It is pleasant to look upon a serene, quiet, humble face. On such a
face did Richard Varley look every night when he entered his mother's
cottage. Mrs. Varley was a widow, and she had followed the fortunes of
her brother, Daniel Hood, ever since the death of her husband. Love
for her only brother induced her to forsake the peaceful village of
Maryland and enter upon the wild life of a backwoods settlement.
Dick's mother was thin, and old, and wrinkled, but her face was
stamped with a species of beauty which _never_ fades--the beauty of a
loving look. Ah! the brow of snow and the peach-bloom cheek may snare
the heart of man for a time, but the _loving look_ alone can forge
that adamantine chain that time, age, eternity shall never break.

Mistake us not, reader, and bear with us if we attempt to analyze this
look which characterized Mrs. Varley. A rare diamond is worth stopping
to glance at, even when one is in a hurry. The brightest jewel in the
human heart is worth a thought or two. By _a loving_ _look_ we do not
mean a look of love bestowed on a beloved object. _That_ is common
enough; and thankful should we be that it is so common in a world
that's overfull of hatred. Still less do we mean that smile and look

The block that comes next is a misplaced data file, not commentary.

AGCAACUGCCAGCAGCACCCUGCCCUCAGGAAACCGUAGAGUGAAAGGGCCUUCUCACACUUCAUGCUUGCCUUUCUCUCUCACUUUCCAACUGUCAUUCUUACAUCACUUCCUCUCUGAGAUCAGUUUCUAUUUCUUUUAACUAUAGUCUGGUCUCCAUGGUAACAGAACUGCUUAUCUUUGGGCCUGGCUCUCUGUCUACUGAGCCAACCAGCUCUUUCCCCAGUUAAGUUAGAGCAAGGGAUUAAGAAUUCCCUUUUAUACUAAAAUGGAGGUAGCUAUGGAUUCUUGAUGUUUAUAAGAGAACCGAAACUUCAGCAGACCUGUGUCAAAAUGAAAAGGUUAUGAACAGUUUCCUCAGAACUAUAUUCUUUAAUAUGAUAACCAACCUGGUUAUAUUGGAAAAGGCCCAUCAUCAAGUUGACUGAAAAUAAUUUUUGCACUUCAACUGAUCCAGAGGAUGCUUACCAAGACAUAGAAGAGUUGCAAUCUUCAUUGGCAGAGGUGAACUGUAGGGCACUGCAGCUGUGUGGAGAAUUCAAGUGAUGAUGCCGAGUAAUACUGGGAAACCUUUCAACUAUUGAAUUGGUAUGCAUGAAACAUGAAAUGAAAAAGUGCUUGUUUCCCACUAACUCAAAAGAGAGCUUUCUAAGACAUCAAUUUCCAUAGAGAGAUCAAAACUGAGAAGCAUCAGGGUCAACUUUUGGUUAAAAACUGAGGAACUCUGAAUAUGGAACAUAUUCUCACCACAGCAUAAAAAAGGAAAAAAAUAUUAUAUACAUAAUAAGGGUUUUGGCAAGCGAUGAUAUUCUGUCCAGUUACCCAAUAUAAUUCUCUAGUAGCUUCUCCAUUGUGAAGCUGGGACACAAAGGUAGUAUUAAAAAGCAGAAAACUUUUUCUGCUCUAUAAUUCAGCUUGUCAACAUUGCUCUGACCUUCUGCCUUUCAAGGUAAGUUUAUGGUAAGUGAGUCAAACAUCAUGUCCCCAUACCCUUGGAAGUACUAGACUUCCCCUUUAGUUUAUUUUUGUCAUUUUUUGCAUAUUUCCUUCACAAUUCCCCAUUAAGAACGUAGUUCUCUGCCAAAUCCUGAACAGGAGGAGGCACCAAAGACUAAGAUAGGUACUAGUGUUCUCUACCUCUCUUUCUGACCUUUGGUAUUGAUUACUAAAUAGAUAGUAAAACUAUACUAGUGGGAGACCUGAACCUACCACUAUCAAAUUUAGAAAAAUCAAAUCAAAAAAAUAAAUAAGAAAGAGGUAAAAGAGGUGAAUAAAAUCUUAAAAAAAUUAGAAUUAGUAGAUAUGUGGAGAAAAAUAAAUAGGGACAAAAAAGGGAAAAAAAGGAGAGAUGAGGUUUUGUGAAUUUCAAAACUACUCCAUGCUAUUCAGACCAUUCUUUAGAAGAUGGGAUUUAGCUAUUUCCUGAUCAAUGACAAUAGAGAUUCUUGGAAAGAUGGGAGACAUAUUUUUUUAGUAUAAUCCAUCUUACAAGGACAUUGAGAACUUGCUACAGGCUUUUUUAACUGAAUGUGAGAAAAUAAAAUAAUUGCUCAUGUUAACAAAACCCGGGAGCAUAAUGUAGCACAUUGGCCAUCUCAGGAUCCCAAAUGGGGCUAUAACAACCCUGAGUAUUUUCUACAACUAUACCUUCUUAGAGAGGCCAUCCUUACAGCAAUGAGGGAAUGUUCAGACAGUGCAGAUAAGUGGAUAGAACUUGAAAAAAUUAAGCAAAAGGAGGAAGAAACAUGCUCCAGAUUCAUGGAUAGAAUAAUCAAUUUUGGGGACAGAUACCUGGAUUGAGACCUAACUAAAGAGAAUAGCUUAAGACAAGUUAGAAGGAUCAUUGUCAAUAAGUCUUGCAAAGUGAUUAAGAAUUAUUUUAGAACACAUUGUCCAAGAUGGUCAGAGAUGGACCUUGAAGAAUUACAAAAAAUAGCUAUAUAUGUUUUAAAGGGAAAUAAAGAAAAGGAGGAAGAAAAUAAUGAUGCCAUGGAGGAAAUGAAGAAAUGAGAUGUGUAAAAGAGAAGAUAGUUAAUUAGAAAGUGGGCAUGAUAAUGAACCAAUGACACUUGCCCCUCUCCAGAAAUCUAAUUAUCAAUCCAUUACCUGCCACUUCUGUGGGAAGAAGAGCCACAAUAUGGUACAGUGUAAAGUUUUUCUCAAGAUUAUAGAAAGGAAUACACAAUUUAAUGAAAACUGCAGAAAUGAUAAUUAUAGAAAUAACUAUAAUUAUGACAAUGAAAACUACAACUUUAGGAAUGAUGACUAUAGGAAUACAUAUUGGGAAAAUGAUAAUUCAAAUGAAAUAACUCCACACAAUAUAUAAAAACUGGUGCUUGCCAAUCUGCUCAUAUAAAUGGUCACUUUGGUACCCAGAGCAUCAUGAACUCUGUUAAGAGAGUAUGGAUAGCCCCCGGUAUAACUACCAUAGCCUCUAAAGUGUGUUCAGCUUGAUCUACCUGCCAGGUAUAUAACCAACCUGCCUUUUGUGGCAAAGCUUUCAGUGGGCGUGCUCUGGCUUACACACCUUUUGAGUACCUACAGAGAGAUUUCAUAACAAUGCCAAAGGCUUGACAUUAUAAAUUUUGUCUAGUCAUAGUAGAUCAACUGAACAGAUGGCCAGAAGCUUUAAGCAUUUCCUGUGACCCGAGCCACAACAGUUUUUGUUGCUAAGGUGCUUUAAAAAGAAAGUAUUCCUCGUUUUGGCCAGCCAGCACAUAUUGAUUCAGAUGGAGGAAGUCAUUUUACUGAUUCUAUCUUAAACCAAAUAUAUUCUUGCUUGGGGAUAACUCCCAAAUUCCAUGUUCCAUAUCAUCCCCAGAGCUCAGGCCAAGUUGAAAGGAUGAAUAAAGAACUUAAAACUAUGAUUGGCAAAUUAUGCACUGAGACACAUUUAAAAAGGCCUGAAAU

of intense affection with which some people--good people too--greet
friend and foe alike, and by which effort to work out their _beau
ideal_ of the expression of Christian love they do signally damage
their cause, by saddening the serious and repelling the gay. Much less
do we mean that _perpetual_ smile of good-will which argues more of
personal comfort and self-love than anything else. No; the loving look
we speak of is as often grave as gay. Its character depends very much
on the face through which it beams. And it cannot be counterfeited.
Its _ring_ defies imitation. Like the clouded sun of April, it can
pierce through tears of sorrow; like the noontide sun of summer, it
can blaze in warm smiles; like the northern lights of winter, it
can gleam in depths of woe;--but it is always the same, modified,
doubtless, and rendered more or less patent to others, according to
the natural amiability of him or her who bestows it. No one can put
it on; still less can any one put it off. Its range is universal; it
embraces all mankind, though, _of course_, it is intensified on a few